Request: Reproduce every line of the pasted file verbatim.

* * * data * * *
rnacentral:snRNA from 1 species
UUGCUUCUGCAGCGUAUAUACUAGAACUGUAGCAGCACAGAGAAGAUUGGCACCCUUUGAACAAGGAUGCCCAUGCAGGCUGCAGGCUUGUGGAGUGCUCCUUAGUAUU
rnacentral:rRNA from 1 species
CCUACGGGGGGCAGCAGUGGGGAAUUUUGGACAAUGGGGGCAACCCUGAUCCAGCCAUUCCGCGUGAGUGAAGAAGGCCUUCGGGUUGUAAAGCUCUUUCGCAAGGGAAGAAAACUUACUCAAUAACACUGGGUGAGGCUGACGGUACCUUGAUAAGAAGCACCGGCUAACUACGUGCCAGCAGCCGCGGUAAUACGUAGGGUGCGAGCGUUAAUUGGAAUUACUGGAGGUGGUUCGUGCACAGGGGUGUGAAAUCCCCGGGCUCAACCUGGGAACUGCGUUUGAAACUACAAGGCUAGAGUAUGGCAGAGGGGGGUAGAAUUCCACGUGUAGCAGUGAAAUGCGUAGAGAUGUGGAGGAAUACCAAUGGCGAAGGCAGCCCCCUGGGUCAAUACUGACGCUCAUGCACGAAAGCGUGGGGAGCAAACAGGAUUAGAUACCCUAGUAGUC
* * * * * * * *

rnacentral:snRNA from 1 species
UUGCUUCUGCAGCGUAUAUACUAGAACUGUAGCAGCACAGAGAAGAUUGGCACCCUUUGAACAAGGAUGCCCAUGCAGGCUGCAGGCUUGUGGAGUGCUCCUUAGUAUU
rnacentral:rRNA from 1 species
CCUACGGGGGGCAGCAGUGGGGAAUUUUGGACAAUGGGGGCAACCCUGAUCCAGCCAUUCCGCGUGAGUGAAGAAGGCCUUCGGGUUGUAAAGCUCUUUCGCAAGGGAAGAAAACUUACUCAAUAACACUGGGUGAGGCUGACGGUACCUUGAUAAGAAGCACCGGCUAACUACGUGCCAGCAGCCGCGGUAAUACGUAGGGUGCGAGCGUUAAUUGGAAUUACUGGAGGUGGUUCGUGCACAGGGGUGUGAAAUCCCCGGGCUCAACCUGGGAACUGCGUUUGAAACUACAAGGCUAGAGUAUGGCAGAGGGGGGUAGAAUUCCACGUGUAGCAGUGAAAUGCGUAGAGAUGUGGAGGAAUACCAAUGGCGAAGGCAGCCCCCUGGGUCAAUACUGACGCUCAUGCACGAAAGCGUGGGGAGCAAACAGGAUUAGAUACCCUAGUAGUC